On more than one occasion during CSTB’s near decade of operation, I’ve attempted to pay homage to WFAN veteran Steve Somers, whose Captain Midnight routine has aged like fine wine over the last quarter century. In stark contrast to the bellowing narcissist who follows Somers’ former WFAN colleague Chris Russo, Somers remains the consummate entertainer. The inspired banter between Somers and a revolving cast of night-owls, Mets/Knicks/Rangers/Yankees/Jets/Giants obsessives and other sports degenerates represents an oasis amidst the generic sports yack pontificating that WFAN popularized if not pioneered.  On Friday, the New York Times’ Charles McGrath paid homage to the San Francisco native, calling Somers’ cadence and methodology, “ideally suited to the nighttime.”

Somers likes to say that he and his listeners are a family, and even in the passionate, eccentric and highly opinionated world of sports radio, his family is an unusual and capacious one. Its members include, or included, such beloved regulars as Doris from Rego Park, stuttering and coughing but phoning in faithfully, and Jerome from Manhattan, whose sputtering, apoplectic anti-Yankee rants caused Somers to play the “Twilight Zone” theme while a voice said: “His is a dimension of sight, of sound, but of no mind. There’s a rubber room up ahead. You’re entering the Jerome Zone.” But Somers’s fans also include the critic Gene Shalit, the actors Charles Grodin and Tony Roberts, the comedian Steven Wright and, most famously, Jerry Seinfeld, who calls in as Jerry from Queens, though in fact he comes from Massapequa.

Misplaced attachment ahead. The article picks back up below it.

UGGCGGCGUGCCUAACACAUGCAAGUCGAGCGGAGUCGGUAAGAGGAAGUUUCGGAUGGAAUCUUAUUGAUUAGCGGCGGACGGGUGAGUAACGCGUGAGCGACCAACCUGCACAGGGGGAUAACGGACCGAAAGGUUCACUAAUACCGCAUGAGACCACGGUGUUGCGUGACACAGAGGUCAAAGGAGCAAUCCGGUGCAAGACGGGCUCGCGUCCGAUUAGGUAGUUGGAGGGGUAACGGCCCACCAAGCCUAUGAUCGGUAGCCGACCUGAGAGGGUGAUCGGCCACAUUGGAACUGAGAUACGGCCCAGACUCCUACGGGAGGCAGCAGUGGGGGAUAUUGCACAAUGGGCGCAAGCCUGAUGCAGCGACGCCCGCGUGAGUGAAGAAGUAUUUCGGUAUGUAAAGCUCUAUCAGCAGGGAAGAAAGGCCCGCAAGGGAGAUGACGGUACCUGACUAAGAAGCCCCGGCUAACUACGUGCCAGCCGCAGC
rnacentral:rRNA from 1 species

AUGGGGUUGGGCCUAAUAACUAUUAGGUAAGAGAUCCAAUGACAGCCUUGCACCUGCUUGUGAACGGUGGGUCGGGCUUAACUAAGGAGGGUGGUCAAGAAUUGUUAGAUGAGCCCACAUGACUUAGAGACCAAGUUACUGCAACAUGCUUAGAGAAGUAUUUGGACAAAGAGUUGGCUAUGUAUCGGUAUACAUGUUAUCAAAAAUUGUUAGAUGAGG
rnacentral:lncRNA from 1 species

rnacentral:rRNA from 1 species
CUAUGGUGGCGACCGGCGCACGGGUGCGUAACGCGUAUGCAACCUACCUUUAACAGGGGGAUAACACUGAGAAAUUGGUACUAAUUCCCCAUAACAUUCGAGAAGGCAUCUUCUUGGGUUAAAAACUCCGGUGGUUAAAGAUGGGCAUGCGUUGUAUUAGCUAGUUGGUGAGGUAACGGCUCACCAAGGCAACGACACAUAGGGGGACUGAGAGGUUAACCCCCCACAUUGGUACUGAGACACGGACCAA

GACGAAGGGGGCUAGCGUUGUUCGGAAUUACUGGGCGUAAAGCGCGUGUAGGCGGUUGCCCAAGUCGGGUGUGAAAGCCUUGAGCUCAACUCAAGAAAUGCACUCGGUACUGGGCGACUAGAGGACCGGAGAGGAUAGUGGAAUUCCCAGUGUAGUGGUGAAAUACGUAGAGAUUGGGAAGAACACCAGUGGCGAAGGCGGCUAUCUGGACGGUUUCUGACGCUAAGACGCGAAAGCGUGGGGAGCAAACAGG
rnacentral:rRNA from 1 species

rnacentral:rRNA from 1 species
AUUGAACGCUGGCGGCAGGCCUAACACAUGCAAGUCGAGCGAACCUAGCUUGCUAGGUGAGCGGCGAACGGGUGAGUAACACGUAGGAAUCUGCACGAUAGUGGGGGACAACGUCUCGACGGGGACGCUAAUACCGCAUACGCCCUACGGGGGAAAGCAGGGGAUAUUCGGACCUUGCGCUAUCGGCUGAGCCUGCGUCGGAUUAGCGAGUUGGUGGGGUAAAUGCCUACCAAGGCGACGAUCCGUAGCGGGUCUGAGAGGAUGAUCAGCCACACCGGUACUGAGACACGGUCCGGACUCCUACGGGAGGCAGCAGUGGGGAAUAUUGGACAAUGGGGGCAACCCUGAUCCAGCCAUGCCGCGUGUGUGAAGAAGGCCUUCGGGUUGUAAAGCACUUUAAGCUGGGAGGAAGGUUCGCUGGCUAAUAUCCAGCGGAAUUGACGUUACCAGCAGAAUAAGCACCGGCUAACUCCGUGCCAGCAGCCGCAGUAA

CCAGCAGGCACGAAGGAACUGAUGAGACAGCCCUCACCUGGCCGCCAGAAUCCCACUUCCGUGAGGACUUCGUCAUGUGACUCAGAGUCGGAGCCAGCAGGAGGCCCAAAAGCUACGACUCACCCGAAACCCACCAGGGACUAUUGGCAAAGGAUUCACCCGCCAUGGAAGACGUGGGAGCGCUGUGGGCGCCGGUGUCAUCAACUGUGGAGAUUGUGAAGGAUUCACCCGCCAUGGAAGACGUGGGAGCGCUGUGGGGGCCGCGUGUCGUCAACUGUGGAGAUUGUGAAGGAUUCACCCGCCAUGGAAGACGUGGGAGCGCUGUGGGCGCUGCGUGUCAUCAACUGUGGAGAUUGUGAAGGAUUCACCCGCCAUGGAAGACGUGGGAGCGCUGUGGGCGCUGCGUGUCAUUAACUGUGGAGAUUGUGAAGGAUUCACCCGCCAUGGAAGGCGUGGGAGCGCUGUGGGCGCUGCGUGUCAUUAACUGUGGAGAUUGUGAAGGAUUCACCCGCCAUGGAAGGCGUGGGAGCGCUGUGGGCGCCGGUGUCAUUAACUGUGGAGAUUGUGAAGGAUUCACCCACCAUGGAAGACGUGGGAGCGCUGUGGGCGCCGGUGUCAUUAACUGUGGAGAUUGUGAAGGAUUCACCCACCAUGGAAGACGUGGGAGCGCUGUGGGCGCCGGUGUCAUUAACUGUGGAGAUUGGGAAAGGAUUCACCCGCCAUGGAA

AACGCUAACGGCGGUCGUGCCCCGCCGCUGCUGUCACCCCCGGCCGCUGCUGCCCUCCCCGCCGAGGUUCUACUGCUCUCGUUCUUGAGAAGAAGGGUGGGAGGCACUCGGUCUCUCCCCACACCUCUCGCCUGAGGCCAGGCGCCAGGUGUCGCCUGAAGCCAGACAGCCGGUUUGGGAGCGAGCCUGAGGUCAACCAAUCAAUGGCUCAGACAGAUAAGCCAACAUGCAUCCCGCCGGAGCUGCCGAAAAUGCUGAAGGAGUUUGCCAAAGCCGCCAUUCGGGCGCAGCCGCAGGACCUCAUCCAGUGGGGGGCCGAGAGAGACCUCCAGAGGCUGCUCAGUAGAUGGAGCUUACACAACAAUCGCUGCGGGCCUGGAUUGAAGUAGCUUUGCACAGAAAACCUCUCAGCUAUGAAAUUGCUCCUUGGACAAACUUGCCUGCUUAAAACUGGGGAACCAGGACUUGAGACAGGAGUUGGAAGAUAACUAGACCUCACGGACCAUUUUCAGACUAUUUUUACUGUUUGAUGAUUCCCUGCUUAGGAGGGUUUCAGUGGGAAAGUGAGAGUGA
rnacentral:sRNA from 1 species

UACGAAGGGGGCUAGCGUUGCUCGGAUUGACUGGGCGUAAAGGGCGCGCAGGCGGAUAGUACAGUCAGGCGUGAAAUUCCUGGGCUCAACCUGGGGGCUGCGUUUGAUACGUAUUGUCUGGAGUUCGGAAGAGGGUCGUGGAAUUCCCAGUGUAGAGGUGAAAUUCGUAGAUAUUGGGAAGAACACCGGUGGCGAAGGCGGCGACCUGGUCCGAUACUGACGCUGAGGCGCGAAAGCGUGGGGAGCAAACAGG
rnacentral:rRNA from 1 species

They admire Somers’s wit and intelligence, the little set pieces he delivers at the beginning of each show, full of wordplay and alliteration. Somers writes them out beforehand on yellow legal pads, capitalizing most of the nouns, adjectives and verbs as a scribe might if copying a royal proclamation. He writes for the ear, not the eye, Somers says. A meditation on the theme of Alex Rodriguez’s collapse last fall looked like this: “The Lightning Rod only Wants to Be happy, and knows it’s very Simple to Be happy, But it’s very Difficult for Him to Be Simple. The Yankees Haven’t Been Doing Much, and Doing Nothing is Very Hard to Do, Because You Never Know when You’re Finished.”